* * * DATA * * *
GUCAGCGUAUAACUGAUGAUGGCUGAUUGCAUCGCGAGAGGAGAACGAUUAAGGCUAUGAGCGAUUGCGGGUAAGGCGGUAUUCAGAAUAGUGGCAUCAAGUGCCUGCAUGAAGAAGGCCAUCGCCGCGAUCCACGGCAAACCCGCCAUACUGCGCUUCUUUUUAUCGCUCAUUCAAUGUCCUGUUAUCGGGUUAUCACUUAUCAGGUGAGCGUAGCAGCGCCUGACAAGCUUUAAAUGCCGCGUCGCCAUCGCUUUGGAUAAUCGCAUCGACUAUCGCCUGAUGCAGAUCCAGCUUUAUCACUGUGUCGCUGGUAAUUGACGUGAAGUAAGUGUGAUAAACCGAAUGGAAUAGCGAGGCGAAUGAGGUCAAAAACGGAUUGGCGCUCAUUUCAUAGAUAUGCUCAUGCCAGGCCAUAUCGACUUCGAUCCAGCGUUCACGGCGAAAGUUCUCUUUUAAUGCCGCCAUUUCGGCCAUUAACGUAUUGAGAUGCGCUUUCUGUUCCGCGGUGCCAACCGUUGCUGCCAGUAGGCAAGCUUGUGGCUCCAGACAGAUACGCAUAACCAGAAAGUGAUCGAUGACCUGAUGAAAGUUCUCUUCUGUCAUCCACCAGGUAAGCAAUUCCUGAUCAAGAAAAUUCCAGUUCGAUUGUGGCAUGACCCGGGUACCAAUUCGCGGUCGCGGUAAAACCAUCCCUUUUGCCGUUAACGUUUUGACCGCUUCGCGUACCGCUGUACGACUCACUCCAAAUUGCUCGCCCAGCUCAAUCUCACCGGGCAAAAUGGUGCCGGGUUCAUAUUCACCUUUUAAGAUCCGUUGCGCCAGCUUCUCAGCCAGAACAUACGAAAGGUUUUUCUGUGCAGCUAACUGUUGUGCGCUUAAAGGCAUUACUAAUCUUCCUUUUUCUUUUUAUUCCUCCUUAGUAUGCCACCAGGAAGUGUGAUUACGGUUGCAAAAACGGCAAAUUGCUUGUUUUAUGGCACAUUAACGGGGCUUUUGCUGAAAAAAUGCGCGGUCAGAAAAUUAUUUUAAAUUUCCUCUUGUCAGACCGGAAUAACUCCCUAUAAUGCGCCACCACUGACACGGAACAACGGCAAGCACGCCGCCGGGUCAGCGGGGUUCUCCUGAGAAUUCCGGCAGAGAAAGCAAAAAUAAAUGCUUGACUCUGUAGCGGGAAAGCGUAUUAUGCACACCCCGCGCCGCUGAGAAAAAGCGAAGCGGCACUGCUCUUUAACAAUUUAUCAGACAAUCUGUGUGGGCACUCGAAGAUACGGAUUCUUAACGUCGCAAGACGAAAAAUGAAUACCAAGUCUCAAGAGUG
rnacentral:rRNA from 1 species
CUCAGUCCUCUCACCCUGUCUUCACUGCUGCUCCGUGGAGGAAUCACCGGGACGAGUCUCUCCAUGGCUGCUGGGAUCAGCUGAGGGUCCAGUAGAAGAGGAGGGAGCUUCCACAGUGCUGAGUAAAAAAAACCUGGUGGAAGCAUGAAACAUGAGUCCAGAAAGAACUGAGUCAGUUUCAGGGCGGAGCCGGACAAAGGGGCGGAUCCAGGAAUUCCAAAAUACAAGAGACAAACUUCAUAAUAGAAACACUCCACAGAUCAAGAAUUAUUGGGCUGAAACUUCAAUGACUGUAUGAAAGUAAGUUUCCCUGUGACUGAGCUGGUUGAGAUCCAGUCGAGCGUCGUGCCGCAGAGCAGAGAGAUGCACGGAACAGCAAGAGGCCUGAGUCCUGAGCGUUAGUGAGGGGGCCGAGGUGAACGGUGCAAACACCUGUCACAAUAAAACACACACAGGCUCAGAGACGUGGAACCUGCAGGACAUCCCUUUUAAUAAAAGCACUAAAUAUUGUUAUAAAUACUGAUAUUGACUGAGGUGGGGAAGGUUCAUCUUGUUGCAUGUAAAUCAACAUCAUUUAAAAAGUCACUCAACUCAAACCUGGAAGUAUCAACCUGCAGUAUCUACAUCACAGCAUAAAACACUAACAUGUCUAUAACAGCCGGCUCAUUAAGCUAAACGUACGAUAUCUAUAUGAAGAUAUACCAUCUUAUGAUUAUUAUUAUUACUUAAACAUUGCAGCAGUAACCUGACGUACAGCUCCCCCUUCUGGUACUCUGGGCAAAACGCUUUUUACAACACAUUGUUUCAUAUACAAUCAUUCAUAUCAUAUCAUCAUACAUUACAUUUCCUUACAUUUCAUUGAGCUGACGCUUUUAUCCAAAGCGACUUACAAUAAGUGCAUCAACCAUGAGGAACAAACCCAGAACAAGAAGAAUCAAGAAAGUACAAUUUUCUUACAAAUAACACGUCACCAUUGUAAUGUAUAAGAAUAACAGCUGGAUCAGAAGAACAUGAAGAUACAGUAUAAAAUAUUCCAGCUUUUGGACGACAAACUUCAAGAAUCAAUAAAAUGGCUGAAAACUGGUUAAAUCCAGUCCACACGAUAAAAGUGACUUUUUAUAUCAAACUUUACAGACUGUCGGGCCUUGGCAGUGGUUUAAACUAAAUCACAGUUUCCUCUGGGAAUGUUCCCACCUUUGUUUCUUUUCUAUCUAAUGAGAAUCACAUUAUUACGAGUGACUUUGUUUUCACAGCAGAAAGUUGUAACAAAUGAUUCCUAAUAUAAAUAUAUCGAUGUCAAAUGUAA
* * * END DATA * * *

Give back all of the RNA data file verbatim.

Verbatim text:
GUCAGCGUAUAACUGAUGAUGGCUGAUUGCAUCGCGAGAGGAGAACGAUUAAGGCUAUGAGCGAUUGCGGGUAAGGCGGUAUUCAGAAUAGUGGCAUCAAGUGCCUGCAUGAAGAAGGCCAUCGCCGCGAUCCACGGCAAACCCGCCAUACUGCGCUUCUUUUUAUCGCUCAUUCAAUGUCCUGUUAUCGGGUUAUCACUUAUCAGGUGAGCGUAGCAGCGCCUGACAAGCUUUAAAUGCCGCGUCGCCAUCGCUUUGGAUAAUCGCAUCGACUAUCGCCUGAUGCAGAUCCAGCUUUAUCACUGUGUCGCUGGUAAUUGACGUGAAGUAAGUGUGAUAAACCGAAUGGAAUAGCGAGGCGAAUGAGGUCAAAAACGGAUUGGCGCUCAUUUCAUAGAUAUGCUCAUGCCAGGCCAUAUCGACUUCGAUCCAGCGUUCACGGCGAAAGUUCUCUUUUAAUGCCGCCAUUUCGGCCAUUAACGUAUUGAGAUGCGCUUUCUGUUCCGCGGUGCCAACCGUUGCUGCCAGUAGGCAAGCUUGUGGCUCCAGACAGAUACGCAUAACCAGAAAGUGAUCGAUGACCUGAUGAAAGUUCUCUUCUGUCAUCCACCAGGUAAGCAAUUCCUGAUCAAGAAAAUUCCAGUUCGAUUGUGGCAUGACCCGGGUACCAAUUCGCGGUCGCGGUAAAACCAUCCCUUUUGCCGUUAACGUUUUGACCGCUUCGCGUACCGCUGUACGACUCACUCCAAAUUGCUCGCCCAGCUCAAUCUCACCGGGCAAAAUGGUGCCGGGUUCAUAUUCACCUUUUAAGAUCCGUUGCGCCAGCUUCUCAGCCAGAACAUACGAAAGGUUUUUCUGUGCAGCUAACUGUUGUGCGCUUAAAGGCAUUACUAAUCUUCCUUUUUCUUUUUAUUCCUCCUUAGUAUGCCACCAGGAAGUGUGAUUACGGUUGCAAAAACGGCAAAUUGCUUGUUUUAUGGCACAUUAACGGGGCUUUUGCUGAAAAAAUGCGCGGUCAGAAAAUUAUUUUAAAUUUCCUCUUGUCAGACCGGAAUAACUCCCUAUAAUGCGCCACCACUGACACGGAACAACGGCAAGCACGCCGCCGGGUCAGCGGGGUUCUCCUGAGAAUUCCGGCAGAGAAAGCAAAAAUAAAUGCUUGACUCUGUAGCGGGAAAGCGUAUUAUGCACACCCCGCGCCGCUGAGAAAAAGCGAAGCGGCACUGCUCUUUAACAAUUUAUCAGACAAUCUGUGUGGGCACUCGAAGAUACGGAUUCUUAACGUCGCAAGACGAAAAAUGAAUACCAAGUCUCAAGAGUG
rnacentral:rRNA from 1 species
CUCAGUCCUCUCACCCUGUCUUCACUGCUGCUCCGUGGAGGAAUCACCGGGACGAGUCUCUCCAUGGCUGCUGGGAUCAGCUGAGGGUCCAGUAGAAGAGGAGGGAGCUUCCACAGUGCUGAGUAAAAAAAACCUGGUGGAAGCAUGAAACAUGAGUCCAGAAAGAACUGAGUCAGUUUCAGGGCGGAGCCGGACAAAGGGGCGGAUCCAGGAAUUCCAAAAUACAAGAGACAAACUUCAUAAUAGAAACACUCCACAGAUCAAGAAUUAUUGGGCUGAAACUUCAAUGACUGUAUGAAAGUAAGUUUCCCUGUGACUGAGCUGGUUGAGAUCCAGUCGAGCGUCGUGCCGCAGAGCAGAGAGAUGCACGGAACAGCAAGAGGCCUGAGUCCUGAGCGUUAGUGAGGGGGCCGAGGUGAACGGUGCAAACACCUGUCACAAUAAAACACACACAGGCUCAGAGACGUGGAACCUGCAGGACAUCCCUUUUAAUAAAAGCACUAAAUAUUGUUAUAAAUACUGAUAUUGACUGAGGUGGGGAAGGUUCAUCUUGUUGCAUGUAAAUCAACAUCAUUUAAAAAGUCACUCAACUCAAACCUGGAAGUAUCAACCUGCAGUAUCUACAUCACAGCAUAAAACACUAACAUGUCUAUAACAGCCGGCUCAUUAAGCUAAACGUACGAUAUCUAUAUGAAGAUAUACCAUCUUAUGAUUAUUAUUAUUACUUAAACAUUGCAGCAGUAACCUGACGUACAGCUCCCCCUUCUGGUACUCUGGGCAAAACGCUUUUUACAACACAUUGUUUCAUAUACAAUCAUUCAUAUCAUAUCAUCAUACAUUACAUUUCCUUACAUUUCAUUGAGCUGACGCUUUUAUCCAAAGCGACUUACAAUAAGUGCAUCAACCAUGAGGAACAAACCCAGAACAAGAAGAAUCAAGAAAGUACAAUUUUCUUACAAAUAACACGUCACCAUUGUAAUGUAUAAGAAUAACAGCUGGAUCAGAAGAACAUGAAGAUACAGUAUAAAAUAUUCCAGCUUUUGGACGACAAACUUCAAGAAUCAAUAAAAUGGCUGAAAACUGGUUAAAUCCAGUCCACACGAUAAAAGUGACUUUUUAUAUCAAACUUUACAGACUGUCGGGCCUUGGCAGUGGUUUAAACUAAAUCACAGUUUCCUCUGGGAAUGUUCCCACCUUUGUUUCUUUUCUAUCUAAUGAGAAUCACAUUAUUACGAGUGACUUUGUUUUCACAGCAGAAAGUUGUAACAAAUGAUUCCUAAUAUAAAUAUAUCGAUGUCAAAUGUAA